Photo 2. Cube fuses labeled 600 VAC or less

The first direction that the Higher Voltage Task Group took was to simply suggest revisions in Chapter 6 of the NEC for Special Equipment. It was quickly understood that changes throughout the NEC were required. Chapter 6 requirements simply modify and/or supplement the rules in Chapters 1 through 4. A review of the UL White Book reveals that UL has many products that are utilized in these systems rated at and above 600 volts, including but not limited to, 1000-V dc PV switches, 1500-Vdc PV fuses, and 2000-V PV wiring. The HVTG realized that the NEC must recognize those products through installation requirements or we will continue to have problems installing and inspecting systems for PV and small wind. The HVTG proposals to raise the voltage threshold recognize emerging technologies that are in many cases operating at just over 600 volts. Everyone needs to play a role in this transition. The present NEC requirements would literally require that a PV system operating at 1000 volts dc utilize a disconnecting means rated at 5 kV. The manufacturers, research and testing laboratories, and the NEC must work together to develop installation requirements and product standards to support these emerging technologies.

Moving the NEC threshold from 600 volts to 1000 volts will not, by itself, allow the immediate installation of systems at 1000 volts. Equipment must first be tested and found acceptable for use at the higher voltage(s). The testing and listing of equipment will not, by itself, allow for the installation of 1000-volt systems. The NEC must include prescriptive requirements to permit the installation of systems that are over 600 but less than or equal to 1000 volts. It will take both tested/listed equipment and changes in our installation code, the NEC, to meet the needs of these emerging technologies that society demands.

Eighty-two percent of the proposals submitted to raise the voltage threshold were accepted in some form. Where a code-making panel felt there was a safety issue or where manufacturers did not want to pursue having their products evaluated at 1000 volts, the Higher Voltage Task Group agreed to reject.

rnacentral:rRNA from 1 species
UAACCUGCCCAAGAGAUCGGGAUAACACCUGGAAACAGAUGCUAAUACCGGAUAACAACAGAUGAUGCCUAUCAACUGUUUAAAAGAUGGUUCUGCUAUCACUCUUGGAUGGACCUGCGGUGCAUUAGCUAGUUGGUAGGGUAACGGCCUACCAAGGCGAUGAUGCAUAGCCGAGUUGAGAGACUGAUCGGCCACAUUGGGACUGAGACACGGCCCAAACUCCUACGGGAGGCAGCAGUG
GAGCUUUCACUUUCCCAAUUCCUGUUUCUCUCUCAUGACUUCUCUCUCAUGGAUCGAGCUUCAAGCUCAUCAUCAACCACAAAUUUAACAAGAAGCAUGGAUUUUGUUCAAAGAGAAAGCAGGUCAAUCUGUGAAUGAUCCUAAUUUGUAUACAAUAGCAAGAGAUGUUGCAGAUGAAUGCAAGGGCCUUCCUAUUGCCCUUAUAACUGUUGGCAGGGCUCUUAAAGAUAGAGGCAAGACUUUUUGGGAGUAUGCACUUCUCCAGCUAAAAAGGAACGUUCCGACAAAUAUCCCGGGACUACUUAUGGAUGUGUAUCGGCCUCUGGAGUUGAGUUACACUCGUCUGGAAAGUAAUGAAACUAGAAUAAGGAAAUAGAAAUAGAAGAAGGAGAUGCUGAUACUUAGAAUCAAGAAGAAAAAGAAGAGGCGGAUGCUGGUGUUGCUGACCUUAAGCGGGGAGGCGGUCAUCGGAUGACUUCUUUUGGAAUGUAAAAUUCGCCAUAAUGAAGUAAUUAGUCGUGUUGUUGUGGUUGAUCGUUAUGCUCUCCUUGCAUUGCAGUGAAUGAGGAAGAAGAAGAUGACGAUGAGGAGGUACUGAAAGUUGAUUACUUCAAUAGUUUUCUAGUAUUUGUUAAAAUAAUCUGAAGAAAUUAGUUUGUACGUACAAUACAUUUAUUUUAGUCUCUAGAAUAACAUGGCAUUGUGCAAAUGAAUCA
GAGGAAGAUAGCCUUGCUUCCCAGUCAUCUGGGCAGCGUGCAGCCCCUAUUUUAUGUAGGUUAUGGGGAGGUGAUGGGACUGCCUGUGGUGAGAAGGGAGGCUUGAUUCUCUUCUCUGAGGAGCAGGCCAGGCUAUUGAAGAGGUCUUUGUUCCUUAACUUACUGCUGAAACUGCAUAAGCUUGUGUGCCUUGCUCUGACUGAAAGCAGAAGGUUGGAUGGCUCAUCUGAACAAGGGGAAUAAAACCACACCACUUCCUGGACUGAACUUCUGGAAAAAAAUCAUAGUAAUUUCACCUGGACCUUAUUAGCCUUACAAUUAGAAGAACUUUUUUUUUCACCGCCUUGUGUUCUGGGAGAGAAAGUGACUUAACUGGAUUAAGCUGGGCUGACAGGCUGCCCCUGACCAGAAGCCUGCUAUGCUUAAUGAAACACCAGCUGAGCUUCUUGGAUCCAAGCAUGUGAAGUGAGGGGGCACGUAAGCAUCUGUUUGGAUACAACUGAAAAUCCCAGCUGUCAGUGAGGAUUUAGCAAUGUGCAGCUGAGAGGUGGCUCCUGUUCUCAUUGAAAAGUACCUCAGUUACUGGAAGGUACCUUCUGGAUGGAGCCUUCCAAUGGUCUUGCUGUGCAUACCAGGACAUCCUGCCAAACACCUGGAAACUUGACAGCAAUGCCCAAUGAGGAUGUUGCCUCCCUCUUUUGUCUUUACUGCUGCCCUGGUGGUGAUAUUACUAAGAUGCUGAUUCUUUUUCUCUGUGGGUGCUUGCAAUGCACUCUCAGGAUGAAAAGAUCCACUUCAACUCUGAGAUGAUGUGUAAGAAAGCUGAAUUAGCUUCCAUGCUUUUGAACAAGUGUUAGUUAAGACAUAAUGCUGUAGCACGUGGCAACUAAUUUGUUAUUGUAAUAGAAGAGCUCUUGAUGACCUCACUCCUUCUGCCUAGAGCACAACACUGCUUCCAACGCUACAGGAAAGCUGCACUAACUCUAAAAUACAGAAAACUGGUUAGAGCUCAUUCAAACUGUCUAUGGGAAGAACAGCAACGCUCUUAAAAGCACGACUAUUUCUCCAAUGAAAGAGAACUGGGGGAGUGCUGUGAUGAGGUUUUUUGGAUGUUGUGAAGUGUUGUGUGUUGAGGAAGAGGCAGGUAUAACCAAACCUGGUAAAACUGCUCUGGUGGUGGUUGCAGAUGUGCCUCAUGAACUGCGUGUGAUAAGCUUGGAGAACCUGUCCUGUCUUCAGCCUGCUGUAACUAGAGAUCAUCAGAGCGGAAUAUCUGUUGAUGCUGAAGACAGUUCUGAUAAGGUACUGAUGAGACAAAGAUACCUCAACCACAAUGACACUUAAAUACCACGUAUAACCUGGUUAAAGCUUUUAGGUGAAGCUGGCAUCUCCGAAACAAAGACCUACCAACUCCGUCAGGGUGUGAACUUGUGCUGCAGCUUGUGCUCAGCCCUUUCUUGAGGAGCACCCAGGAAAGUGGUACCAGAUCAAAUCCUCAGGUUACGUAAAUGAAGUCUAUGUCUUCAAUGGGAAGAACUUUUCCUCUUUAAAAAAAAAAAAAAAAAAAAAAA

Moving the NEC to 1000 volts is just the beginning. This is just the first step of many to recognize emerging technology with prescriptive requirements to ensure that these systems and products can be safely installed and inspected in accordance with the NEC.

*The IEC is a nonprofit, nongovernmental international standards organization that prepares and publishes international standards for electrical and electronic technologies.

Jim Dollard
Jim Dollard is the safety coordinator for IBEW Local 98 in Philadelphia, PA. Prior to this position, Jim worked as an apprentice, journeyman wireman, foreman and apprentice training instructor. He has served on many code-making committees in the NFPA consensus process. In the revision process for the National Electrical Code, Jim served on CMP-15 in the 1999 cycle, as chairman of CMP-10 for three cycles in 2002, 2005 and 2008, and on CMP-10 and CMP-13 for both the 2011 and 2014 cycles. Jim also serves on the NEC Technical Correlating Committee, on NFPA 70E, the Standard for Electrical Safety in the Workplace and the NFPA 90A/90B committee. Jim is an active member of the UL Electrical Council, NFPA, IAEI and the NFPA Electrical Section. Jim can be reached through LinkedIn: www.linkedin.com/pub/jim-dollard/11/3a7/7ba